A reporter from Seattle University’s student newspaper the Spectator attended a January 28 community meeting about crime in Yesler Terrace and said speakers expressed concerns that many crimes in the neighborhood go unreported due to language barriers and fears that calling 911 might not be anonymous and safe.
The Friday night shooting of a 20-year-old on 13th Avenue and Jefferson Street set the stage for an afternoon meeting in Yesler Terrace.
At the third Yesler Terrace Community meeting since November, community members spoke out against crime like the Friday night shooting.
Some of the solutions proposed included recruiting Seattle University students to volunteer as interpreters for the community where an estimated 26 different languages are spoken. Others included ways to confront the crimes by hosting parties or dinner in “neighborhood problem areas,” as well as a workshop to help the residents learn the importance of dialing 911.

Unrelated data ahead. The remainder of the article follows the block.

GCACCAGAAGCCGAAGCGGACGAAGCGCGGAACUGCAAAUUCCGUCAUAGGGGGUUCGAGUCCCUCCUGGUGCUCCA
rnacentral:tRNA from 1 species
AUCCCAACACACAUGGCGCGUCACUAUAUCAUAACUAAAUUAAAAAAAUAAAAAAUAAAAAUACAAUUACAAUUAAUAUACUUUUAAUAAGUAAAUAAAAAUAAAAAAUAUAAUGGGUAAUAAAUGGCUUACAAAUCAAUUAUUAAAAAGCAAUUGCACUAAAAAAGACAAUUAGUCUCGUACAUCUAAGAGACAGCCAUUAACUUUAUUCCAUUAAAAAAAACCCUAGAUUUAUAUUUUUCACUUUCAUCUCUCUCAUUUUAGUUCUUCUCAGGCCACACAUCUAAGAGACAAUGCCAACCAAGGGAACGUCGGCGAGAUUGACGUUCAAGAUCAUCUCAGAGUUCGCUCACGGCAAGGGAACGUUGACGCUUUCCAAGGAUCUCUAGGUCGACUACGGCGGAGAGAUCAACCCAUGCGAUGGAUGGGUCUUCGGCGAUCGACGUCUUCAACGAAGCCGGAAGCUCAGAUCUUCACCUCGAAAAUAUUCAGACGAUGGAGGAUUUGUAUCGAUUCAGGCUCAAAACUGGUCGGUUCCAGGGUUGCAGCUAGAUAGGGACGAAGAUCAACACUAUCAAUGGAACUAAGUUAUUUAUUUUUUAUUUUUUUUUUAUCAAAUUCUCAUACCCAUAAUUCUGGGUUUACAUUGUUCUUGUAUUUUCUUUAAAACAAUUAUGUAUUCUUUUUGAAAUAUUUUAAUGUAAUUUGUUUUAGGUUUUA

Angela O’Brien, co-chair of the safety committee, said that she is “tired of griping and complaining.”
She wants solutions.
No one should hesitate to call 911 due to a language issue. The 911 center can accomodate any language spoken with either in-house or consultant translators – all on a real time basis. And the community needs to trust the SPD and report all crimes – this is the only way to make things better.